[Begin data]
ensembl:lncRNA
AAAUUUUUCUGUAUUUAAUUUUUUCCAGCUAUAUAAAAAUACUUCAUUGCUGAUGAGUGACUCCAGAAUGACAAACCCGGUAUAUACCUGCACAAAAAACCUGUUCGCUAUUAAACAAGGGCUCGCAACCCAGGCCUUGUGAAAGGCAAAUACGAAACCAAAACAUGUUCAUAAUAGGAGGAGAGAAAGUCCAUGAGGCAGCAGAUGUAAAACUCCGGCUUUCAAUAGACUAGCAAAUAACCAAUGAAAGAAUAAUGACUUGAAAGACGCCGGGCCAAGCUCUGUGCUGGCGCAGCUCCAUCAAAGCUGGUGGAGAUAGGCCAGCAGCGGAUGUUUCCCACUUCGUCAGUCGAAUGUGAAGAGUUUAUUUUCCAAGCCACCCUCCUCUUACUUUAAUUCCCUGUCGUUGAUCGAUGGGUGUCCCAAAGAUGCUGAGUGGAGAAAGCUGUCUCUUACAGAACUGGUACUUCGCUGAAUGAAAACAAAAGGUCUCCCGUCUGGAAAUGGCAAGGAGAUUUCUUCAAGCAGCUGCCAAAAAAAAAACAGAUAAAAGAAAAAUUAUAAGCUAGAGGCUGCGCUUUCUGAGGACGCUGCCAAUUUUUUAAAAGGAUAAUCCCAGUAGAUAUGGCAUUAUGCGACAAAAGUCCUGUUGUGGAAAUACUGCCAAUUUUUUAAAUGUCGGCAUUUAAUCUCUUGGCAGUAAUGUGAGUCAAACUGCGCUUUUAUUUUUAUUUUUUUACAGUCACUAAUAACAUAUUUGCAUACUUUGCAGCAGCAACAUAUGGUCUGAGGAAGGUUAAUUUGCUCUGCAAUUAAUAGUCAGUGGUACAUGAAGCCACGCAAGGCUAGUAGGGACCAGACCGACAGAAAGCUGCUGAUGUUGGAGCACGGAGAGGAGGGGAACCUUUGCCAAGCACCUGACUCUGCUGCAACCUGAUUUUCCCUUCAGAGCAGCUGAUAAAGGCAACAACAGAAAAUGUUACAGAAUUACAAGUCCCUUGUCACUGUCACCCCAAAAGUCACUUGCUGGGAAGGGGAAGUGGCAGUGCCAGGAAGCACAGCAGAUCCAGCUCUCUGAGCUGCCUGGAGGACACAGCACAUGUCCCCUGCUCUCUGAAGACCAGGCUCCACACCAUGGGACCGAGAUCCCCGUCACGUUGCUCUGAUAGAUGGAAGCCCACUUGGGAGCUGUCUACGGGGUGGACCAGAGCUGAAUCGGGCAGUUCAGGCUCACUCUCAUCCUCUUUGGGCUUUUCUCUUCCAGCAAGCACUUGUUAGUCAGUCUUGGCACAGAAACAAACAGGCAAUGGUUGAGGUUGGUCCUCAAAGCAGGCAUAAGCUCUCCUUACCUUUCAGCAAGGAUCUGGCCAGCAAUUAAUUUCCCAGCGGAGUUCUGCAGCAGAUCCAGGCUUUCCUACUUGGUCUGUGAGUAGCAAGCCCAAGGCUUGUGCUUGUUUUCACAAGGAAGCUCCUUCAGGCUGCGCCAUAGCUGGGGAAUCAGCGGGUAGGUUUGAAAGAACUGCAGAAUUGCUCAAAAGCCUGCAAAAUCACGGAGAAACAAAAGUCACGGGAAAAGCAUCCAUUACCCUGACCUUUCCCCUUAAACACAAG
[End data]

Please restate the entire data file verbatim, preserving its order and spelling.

ensembl:lncRNA
AAAUUUUUCUGUAUUUAAUUUUUUCCAGCUAUAUAAAAAUACUUCAUUGCUGAUGAGUGACUCCAGAAUGACAAACCCGGUAUAUACCUGCACAAAAAACCUGUUCGCUAUUAAACAAGGGCUCGCAACCCAGGCCUUGUGAAAGGCAAAUACGAAACCAAAACAUGUUCAUAAUAGGAGGAGAGAAAGUCCAUGAGGCAGCAGAUGUAAAACUCCGGCUUUCAAUAGACUAGCAAAUAACCAAUGAAAGAAUAAUGACUUGAAAGACGCCGGGCCAAGCUCUGUGCUGGCGCAGCUCCAUCAAAGCUGGUGGAGAUAGGCCAGCAGCGGAUGUUUCCCACUUCGUCAGUCGAAUGUGAAGAGUUUAUUUUCCAAGCCACCCUCCUCUUACUUUAAUUCCCUGUCGUUGAUCGAUGGGUGUCCCAAAGAUGCUGAGUGGAGAAAGCUGUCUCUUACAGAACUGGUACUUCGCUGAAUGAAAACAAAAGGUCUCCCGUCUGGAAAUGGCAAGGAGAUUUCUUCAAGCAGCUGCCAAAAAAAAAACAGAUAAAAGAAAAAUUAUAAGCUAGAGGCUGCGCUUUCUGAGGACGCUGCCAAUUUUUUAAAAGGAUAAUCCCAGUAGAUAUGGCAUUAUGCGACAAAAGUCCUGUUGUGGAAAUACUGCCAAUUUUUUAAAUGUCGGCAUUUAAUCUCUUGGCAGUAAUGUGAGUCAAACUGCGCUUUUAUUUUUAUUUUUUUACAGUCACUAAUAACAUAUUUGCAUACUUUGCAGCAGCAACAUAUGGUCUGAGGAAGGUUAAUUUGCUCUGCAAUUAAUAGUCAGUGGUACAUGAAGCCACGCAAGGCUAGUAGGGACCAGACCGACAGAAAGCUGCUGAUGUUGGAGCACGGAGAGGAGGGGAACCUUUGCCAAGCACCUGACUCUGCUGCAACCUGAUUUUCCCUUCAGAGCAGCUGAUAAAGGCAACAACAGAAAAUGUUACAGAAUUACAAGUCCCUUGUCACUGUCACCCCAAAAGUCACUUGCUGGGAAGGGGAAGUGGCAGUGCCAGGAAGCACAGCAGAUCCAGCUCUCUGAGCUGCCUGGAGGACACAGCACAUGUCCCCUGCUCUCUGAAGACCAGGCUCCACACCAUGGGACCGAGAUCCCCGUCACGUUGCUCUGAUAGAUGGAAGCCCACUUGGGAGCUGUCUACGGGGUGGACCAGAGCUGAAUCGGGCAGUUCAGGCUCACUCUCAUCCUCUUUGGGCUUUUCUCUUCCAGCAAGCACUUGUUAGUCAGUCUUGGCACAGAAACAAACAGGCAAUGGUUGAGGUUGGUCCUCAAAGCAGGCAUAAGCUCUCCUUACCUUUCAGCAAGGAUCUGGCCAGCAAUUAAUUUCCCAGCGGAGUUCUGCAGCAGAUCCAGGCUUUCCUACUUGGUCUGUGAGUAGCAAGCCCAAGGCUUGUGCUUGUUUUCACAAGGAAGCUCCUUCAGGCUGCGCCAUAGCUGGGGAAUCAGCGGGUAGGUUUGAAAGAACUGCAGAAUUGCUCAAAAGCCUGCAAAAUCACGGAGAAACAAAAGUCACGGGAAAAGCAUCCAUUACCCUGACCUUUCCCCUUAAACACAAG